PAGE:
Park Rangers, shotguns, and misconceptions

mayis - haziran cesitli 245

Last night my friends and I ended up surrounded by a couple of park rangers. We were camping at a relatively active ground and to be honest it probably wasn’t the best place to set up for the night. But it was our friend’s birthday and we didn’t really have the time or resources to make it happen anywhere else.

So mid-shotgun, freshly popped beer can in my hand, my index finger poised at the aluminum tab, came very bright flashlights and a stern voice telling us to stay where we are. Now this being real life and whatnot there were a few of us there who weren’t of age so they hassled us, ticketed the minors, and required that we empty out the rest of our alcohol because we were giving it to “children”. It felt like pouring liquid money out onto our prohibited wood fire burning off in the distance. My few sips of Riesling were used to douse the lingering smoke. It smelled awful when we finally finished pouring out the beer.

When I was sixteen, I had my nose broken by a police officer. He elbowed me in the face while he was strapping my arms and legs onto the stretcher in the back of the ambulance I totally didn’t need or request. Because I had refused medical service, I was deemed unfit to determine my own needs and therefore they were able to send for one anyway. A year later when we got the $900 bill for the “medical attention”, it burned hot with the blood in my cheeks.


Three armed cars and six fully loaded officers had us surrounded in the two bedroom apartment. By my shoulders, they dragged me handcuffed and barefoot through the glass from the window they’d broken as my cousin and aunt cried from the inside of the house. I was in pajamas and my uncle had called the police on my aunt as a means of vindictive revenge because she’d taken a bath too long the night before and they always had a sick and twisted relationship, filled with abuse, both mental and physical. My father, his brother, was furious when he came to find me in the hospital with a bloody nose, handcuffed to a bed and surrounded by police officers. I was detained for several hours while I waited to speak to the chief. I had serious back, shoulder, and neck injuries and I still hear my nose click when I wiggle it around. It took months for all the glass to leave the bottoms of my feet.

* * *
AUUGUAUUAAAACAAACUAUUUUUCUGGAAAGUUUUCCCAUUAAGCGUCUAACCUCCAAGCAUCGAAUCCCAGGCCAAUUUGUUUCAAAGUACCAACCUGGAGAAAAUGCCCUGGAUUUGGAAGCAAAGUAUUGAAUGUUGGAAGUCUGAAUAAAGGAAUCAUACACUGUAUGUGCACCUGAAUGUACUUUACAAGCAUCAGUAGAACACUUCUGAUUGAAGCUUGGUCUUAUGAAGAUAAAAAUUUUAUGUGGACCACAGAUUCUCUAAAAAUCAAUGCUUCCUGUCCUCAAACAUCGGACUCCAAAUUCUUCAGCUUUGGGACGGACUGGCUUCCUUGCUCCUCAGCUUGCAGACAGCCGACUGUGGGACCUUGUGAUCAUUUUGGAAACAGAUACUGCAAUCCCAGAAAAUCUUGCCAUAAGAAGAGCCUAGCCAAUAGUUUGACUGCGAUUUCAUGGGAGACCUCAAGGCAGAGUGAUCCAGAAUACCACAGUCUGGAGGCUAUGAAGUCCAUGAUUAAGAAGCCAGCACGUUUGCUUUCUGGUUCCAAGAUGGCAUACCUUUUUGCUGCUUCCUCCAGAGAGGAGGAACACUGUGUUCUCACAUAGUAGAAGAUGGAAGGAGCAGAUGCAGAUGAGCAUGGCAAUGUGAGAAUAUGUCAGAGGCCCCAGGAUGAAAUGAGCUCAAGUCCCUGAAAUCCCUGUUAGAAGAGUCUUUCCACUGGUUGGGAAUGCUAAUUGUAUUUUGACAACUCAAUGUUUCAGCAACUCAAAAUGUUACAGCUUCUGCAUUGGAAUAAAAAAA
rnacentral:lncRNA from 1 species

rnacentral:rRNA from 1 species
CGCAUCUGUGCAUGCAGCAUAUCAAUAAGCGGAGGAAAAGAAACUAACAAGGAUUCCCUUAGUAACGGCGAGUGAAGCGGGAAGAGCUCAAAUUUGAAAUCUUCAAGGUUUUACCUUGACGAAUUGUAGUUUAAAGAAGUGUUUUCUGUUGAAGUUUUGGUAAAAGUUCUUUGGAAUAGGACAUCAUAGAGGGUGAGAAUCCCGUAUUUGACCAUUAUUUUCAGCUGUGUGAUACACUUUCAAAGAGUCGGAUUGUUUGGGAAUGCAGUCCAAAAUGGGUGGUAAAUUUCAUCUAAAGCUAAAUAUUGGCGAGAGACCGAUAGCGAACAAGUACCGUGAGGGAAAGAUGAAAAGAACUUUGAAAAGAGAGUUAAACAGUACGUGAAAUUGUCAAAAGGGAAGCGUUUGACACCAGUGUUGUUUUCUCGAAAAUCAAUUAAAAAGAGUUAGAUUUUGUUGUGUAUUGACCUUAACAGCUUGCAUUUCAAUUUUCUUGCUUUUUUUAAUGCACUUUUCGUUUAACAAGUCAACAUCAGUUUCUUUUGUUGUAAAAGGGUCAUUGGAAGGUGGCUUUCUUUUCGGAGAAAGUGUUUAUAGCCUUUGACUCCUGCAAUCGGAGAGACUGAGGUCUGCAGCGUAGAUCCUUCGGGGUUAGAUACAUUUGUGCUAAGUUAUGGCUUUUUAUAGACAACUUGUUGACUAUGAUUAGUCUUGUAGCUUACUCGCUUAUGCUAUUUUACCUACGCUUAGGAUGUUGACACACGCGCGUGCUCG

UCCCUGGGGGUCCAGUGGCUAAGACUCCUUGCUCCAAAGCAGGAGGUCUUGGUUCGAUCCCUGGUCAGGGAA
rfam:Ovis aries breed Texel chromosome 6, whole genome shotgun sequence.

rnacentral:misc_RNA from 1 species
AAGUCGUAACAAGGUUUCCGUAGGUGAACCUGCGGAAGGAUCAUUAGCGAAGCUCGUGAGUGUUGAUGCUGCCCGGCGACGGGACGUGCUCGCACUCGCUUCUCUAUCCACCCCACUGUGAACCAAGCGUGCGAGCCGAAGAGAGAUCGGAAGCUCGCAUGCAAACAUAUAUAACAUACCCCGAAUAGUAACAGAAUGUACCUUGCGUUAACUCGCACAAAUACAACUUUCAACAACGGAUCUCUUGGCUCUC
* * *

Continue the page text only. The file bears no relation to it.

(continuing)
For a long time when I went to visit my mother, this memory haunted me. I know it’s not quite like the PTSD most soldiers experience when they come back from war but it was still freakin’ traumatic and it took me a really long time to refrain from shaking openly in front of the guards at visiting.

To this day, I still feel my pulse quicken as I stare at the uniforms processing me into the prison.


So when the park ranger told us that if we weren’t breaking the rules we had no reason to be scared, I told him that wasn’t true. That a police officer broke my nose for no reason and I had to live with that for the rest of my life and when he asked me why I felt like I needed to share that, I told him he shouldn’t make false statements based on nothing. So even though we were all breaking rules I would have been brought back to the same place in time, the same screams and tears I heard as the six officers arrested my aunt for a bath and the time when they put my mom in the back of a police car where she’d be shipped off to live for the next sixteen years.

The lady cop tried to say I had been a danger to the man who hit me and that his force was probably necessary to protect himself but all I did was look her in the eye and think how full of shit she was.

Don’t get me wrong, police are people too and the guards at visiting are actually surprisingly nice. I know there are a lot of good ones out there and I can’t say the exceptions prove the rule, but to be honest everyone has skeletons in their closet and I hope they think again before guessing someone’s tolerance to a uniform.